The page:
AAPI community caregivers combat for-profit developers
As Asians face rising xenophobia, stereotypes that distort perceptions of the community continue to abound. At Asian Americans United (AAU), its Interim Executive Director Neeta Patel is working tirelessly to counter these perceptions in order to preserve and care for the needs of elderly members in her community’s Chinatown.
Last year in Philadelphia, billionaire corporate real estate developers targeted the city’s 150-year-old Chinatown with plans to build a new $1.3 billion basketball arena adjacent to it. The historical Chinatown neighborhood has long served as a cultural sanctuary for its immigrant community. Construction of an elite stadium to serve wealthier city residents would most certainly begin a cycle of displacement of locals and a spike in the cost of living. Patel called the proposed development a “story about land, culture” with “corrupt government officials serving the interests of the super-wealthy.”
“This is a situation where communities have been built in places over generations because they were places where nobody else wanted to build a community and we give it life. We make it, we put down memories, we create a value that is beyond money.”
At an October 20 Ethnic Media Services briefing about “Caregivers of Communities,” advocates like Patel spoke about caregiving that went beyond providing care for the physical and emotional needs of family and friends, but included taking care of the exigencies of the larger community and giving voice to concerns at the collective level.
Large-scale development projects threaten communities and neighborhoods
This is not just about Chinatown, reiterates Patel. This is a battle that many other such communities have fought and often lost. Neighborhoods like Chinatown are home to families that have lived, thrived, worshiped, and celebrated together for generations. “This is about the commodification of our lives by a development model that puts profits over people. That extracts value but doesn’t see community as value.”
As irreplaceable neighborhoods like Chinatown come under the crosshairs of profit-seeking developers, community advocates are banding together to counter the negative impacts of area development. Patel describes the movement she has built with AAU as an intergenerational coalition “to show how small, low-income, non-English speaking community members can band together with other allies, multiracial coalition members to form the front line to defend their culture and push back on displacement for-profit model that is impacting communities all over the country and the world.”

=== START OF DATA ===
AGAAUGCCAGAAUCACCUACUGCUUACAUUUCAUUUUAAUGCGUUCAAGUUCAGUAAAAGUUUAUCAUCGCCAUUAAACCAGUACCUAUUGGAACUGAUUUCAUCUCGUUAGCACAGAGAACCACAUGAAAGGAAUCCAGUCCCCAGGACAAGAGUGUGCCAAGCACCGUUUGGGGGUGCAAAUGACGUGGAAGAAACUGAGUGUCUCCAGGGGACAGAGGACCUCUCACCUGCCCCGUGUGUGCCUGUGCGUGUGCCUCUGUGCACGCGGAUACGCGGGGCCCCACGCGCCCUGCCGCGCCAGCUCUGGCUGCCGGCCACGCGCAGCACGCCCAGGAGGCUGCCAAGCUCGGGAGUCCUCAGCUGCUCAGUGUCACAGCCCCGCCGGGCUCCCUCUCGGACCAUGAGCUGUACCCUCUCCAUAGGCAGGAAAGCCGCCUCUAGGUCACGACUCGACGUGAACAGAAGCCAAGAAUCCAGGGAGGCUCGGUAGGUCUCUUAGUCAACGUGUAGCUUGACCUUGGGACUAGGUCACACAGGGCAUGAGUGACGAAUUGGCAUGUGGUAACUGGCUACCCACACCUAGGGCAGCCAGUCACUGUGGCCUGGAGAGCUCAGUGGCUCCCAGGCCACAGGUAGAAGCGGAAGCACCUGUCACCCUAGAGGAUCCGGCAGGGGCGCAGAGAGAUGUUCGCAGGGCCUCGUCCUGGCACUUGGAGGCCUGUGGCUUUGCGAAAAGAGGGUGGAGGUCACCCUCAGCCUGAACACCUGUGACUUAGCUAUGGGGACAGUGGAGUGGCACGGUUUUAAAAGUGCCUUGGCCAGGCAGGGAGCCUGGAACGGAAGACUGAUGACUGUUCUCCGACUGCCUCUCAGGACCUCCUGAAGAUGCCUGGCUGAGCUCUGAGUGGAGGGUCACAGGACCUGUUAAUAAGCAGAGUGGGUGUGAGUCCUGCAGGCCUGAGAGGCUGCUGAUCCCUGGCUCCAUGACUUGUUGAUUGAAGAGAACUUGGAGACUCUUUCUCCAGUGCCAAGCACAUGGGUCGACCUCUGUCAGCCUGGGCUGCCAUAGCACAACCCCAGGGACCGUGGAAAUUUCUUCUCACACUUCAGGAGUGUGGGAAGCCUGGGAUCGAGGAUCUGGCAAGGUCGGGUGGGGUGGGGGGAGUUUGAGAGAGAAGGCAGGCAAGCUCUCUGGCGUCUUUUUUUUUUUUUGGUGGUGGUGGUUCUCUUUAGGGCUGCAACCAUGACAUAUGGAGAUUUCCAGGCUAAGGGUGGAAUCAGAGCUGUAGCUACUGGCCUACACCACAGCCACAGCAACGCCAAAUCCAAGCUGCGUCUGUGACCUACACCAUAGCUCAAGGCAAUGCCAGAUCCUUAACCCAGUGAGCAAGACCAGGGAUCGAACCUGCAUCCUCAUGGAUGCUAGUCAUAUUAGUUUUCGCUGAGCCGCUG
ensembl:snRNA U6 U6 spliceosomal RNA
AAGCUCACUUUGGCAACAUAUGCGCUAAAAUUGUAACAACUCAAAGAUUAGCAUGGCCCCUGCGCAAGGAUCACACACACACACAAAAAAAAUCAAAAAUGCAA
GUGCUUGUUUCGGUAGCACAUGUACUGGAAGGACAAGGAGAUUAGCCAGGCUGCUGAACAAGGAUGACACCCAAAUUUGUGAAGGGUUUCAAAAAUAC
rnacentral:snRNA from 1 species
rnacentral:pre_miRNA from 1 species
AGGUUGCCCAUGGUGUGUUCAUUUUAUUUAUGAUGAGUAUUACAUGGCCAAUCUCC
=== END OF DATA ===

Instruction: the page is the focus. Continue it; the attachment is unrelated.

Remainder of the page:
Patel advocates for this model to be replicated across the country because “we don’t want to see the homelessness and folks that are priced out because some developer has decided to build an arena (or) to build a storefront that doesn’t meet the needs of the community members who are living there.”
AAU is trying to change the narrative with a storytelling campaign while battling false narratives that both the “developers and city officials are attempting to put out there to erase our community.”
Using storytelling to change the caregiving narrative
In Seattle, the National Asian Pacific Center on Aging (NAPCA) is working with Risa Morimoto — a film and TV director and producer and an expert on aging — to shoot 15-minute episodes featuring AAPI caregiver families across the country. Their mission is to improve the quality of life of AAPI older adults and their families and give a voice to the elderly, especially those of the AAPI community who often go unheard.